YONKERS, N.Y. – Appreciation for the cultural aspects of art is nothing new to Yonkers.
But many have said a transformation began in the mid-1990s and continued a decade later as developers and city officials looking to revitalize the downtown recognized the value of a vibrant art scene.
Today, the effects are noticeable as the presence of arts throughout Yonkers has grown, albeit slowly, Yonkers sculptor Vinnie Bagwell said.
“From yesterday to today, the arts have really begun to thrive,” she said. “The downtown waterfront district began to have life.”
Earlier this month, ArtsWestchester released a study that found the arts had generated over $156 million in economic activity throughout the county in 2010. While such numbers for Yonkers are unknown, many say the effects are quite obvious.
Thousands descend upon the city for events like Riverfest, breathing life into area businesses.
“The various things down here, the music entertainment and activities, they are driving foot traffic in the downtown,” said Steve Sansone, executive director of the Yonkers Downtown Business Improvement District.
Still, some say the city has room for improvement, particularly in the visual arts where there lies a largely untapped field of potential.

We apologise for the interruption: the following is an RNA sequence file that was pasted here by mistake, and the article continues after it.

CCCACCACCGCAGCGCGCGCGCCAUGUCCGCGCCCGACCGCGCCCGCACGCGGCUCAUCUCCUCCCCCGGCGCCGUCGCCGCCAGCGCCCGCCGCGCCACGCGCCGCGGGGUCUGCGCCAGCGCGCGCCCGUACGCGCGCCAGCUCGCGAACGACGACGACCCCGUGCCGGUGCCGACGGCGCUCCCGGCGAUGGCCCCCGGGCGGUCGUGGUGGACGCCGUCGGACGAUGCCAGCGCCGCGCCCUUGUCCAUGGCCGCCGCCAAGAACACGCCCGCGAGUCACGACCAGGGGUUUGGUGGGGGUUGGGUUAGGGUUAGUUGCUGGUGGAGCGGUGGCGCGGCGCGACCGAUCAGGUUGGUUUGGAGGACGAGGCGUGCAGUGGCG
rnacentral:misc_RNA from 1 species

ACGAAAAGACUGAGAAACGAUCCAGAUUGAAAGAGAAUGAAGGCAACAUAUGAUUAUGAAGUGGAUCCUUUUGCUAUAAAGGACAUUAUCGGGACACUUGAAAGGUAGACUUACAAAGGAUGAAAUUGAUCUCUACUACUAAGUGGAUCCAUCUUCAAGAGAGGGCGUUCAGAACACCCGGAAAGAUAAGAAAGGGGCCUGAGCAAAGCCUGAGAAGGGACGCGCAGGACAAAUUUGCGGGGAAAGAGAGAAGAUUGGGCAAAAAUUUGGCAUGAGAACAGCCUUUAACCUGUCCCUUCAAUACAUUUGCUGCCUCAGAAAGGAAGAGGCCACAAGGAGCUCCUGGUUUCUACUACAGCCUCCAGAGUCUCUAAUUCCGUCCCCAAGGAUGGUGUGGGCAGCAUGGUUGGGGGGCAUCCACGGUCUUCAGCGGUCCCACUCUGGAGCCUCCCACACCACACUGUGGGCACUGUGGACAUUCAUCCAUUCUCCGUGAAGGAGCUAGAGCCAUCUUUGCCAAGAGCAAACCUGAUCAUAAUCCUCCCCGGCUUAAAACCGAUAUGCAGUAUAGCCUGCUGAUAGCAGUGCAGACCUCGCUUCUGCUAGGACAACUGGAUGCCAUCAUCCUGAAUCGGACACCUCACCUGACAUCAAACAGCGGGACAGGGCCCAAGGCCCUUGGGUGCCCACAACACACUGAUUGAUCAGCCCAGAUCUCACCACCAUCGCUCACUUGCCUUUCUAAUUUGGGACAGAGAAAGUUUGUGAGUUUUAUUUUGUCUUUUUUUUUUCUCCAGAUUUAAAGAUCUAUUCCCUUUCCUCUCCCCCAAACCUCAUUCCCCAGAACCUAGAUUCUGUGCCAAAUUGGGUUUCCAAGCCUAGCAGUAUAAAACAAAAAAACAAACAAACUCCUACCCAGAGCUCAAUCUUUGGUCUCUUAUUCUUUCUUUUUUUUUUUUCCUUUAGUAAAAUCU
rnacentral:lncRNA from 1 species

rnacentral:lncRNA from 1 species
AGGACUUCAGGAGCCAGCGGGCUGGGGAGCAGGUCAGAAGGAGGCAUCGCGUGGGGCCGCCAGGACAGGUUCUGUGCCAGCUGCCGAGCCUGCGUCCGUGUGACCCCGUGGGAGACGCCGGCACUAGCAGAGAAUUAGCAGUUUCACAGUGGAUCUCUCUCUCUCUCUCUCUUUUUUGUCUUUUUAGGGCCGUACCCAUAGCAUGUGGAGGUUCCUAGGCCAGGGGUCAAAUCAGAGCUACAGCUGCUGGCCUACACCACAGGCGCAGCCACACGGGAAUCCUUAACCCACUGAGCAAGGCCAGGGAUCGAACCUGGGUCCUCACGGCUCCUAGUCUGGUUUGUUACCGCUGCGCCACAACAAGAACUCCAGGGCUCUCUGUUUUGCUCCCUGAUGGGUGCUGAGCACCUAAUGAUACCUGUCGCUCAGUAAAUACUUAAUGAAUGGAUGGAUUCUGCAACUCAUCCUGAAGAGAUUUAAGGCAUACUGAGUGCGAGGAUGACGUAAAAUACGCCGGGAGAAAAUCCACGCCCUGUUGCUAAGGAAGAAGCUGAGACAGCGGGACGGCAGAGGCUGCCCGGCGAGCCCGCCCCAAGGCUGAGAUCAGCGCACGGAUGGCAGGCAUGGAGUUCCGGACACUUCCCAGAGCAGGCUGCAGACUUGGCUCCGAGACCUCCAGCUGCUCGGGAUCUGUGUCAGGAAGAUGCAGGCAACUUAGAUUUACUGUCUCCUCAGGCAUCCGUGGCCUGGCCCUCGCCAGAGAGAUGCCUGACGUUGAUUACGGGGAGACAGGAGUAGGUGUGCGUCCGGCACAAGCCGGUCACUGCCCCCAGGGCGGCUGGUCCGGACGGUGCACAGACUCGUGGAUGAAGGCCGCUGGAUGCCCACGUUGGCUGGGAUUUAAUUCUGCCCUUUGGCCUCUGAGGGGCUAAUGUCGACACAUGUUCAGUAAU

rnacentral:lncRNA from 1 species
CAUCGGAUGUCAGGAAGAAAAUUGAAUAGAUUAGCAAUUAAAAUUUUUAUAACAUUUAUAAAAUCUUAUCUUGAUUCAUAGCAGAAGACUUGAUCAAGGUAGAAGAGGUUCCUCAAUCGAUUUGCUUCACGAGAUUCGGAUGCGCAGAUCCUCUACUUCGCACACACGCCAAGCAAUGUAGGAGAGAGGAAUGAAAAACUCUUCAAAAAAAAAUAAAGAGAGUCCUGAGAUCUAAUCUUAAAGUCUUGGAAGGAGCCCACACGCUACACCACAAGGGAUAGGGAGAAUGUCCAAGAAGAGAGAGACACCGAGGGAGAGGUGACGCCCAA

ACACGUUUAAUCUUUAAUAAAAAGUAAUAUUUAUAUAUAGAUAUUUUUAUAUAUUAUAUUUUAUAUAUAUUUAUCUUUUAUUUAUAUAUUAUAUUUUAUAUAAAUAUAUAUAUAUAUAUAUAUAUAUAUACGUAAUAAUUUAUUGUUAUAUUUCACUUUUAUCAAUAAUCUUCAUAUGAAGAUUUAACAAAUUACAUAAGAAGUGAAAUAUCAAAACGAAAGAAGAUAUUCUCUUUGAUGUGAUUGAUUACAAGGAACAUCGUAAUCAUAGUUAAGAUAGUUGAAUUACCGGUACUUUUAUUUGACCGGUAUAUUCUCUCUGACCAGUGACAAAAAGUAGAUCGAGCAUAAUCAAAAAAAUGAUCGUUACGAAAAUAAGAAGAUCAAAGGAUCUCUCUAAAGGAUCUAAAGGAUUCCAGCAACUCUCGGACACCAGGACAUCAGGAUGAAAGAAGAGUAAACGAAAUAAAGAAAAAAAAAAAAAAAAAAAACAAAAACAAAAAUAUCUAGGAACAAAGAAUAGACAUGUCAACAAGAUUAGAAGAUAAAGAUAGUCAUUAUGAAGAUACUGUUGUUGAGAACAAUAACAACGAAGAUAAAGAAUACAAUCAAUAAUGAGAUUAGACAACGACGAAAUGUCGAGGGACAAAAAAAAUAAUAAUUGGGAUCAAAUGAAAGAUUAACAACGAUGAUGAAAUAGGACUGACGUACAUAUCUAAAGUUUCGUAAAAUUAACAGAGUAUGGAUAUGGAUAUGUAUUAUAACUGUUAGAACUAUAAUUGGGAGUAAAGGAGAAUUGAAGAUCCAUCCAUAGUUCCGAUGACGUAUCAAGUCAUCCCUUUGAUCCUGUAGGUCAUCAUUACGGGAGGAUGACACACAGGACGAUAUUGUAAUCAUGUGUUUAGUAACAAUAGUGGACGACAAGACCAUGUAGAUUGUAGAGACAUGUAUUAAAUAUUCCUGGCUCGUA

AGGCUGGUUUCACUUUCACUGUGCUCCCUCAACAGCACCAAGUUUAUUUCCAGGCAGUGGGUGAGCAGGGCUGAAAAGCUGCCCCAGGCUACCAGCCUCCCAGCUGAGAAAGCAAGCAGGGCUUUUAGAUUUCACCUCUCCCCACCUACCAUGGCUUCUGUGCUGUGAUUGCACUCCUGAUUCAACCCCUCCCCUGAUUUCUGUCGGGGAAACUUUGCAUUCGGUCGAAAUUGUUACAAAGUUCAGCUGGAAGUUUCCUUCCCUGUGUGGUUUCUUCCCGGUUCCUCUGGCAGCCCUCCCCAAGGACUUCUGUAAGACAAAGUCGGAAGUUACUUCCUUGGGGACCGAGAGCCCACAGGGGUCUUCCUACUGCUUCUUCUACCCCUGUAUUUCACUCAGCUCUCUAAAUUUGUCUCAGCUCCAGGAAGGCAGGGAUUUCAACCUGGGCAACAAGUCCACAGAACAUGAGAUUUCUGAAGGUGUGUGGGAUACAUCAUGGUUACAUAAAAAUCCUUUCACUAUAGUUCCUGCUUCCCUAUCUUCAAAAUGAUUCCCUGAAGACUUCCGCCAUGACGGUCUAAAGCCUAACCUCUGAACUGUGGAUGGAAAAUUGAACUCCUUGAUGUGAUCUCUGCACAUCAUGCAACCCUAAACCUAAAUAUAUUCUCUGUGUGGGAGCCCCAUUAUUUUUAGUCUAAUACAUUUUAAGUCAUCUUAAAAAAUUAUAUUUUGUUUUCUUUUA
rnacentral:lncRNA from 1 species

“There are over 150 artists either working or living in Yonkers and they are largely under the radar,” said Luis Perelman, director of the Blue Door Gallery.
Bagwell said she often visits places like Memphis, Tenn., and Burlington, Vt., waterfront towns with a thriving visual arts presence that contributes to the economic base, and finds herself comparing them to Yonkers.
“I thought ‘why can’t Yonkers be like this?’” she said. “To be honest I don’t know why it’s not growing at that level here, but I think it’s possible.”
With state and city resources hard to come by, many artists are struggling to find the funds to pay for their work, Bagwell said. And without money, it’s difficult to produce.
“Art is culture and culture is what makes places great to raise kids, great places to retire, great places to vacation,” she said. “People want to go places where they are entertained and come away feeling good.”
Yonkers may yet grow into a haven for the visual arts. In March, the YoHo Artist Studio welcomed its first permanent gallery and executives envision a scene in Yonkers that rivals New York City neighborhoods like Chelsea.
“I am very optimistic on things in Yonkers," said artist George Pali, a Yonkers resident. “All downtowns have problems but when art steps in and design tends to improve, the quality of life no doubt gets better.”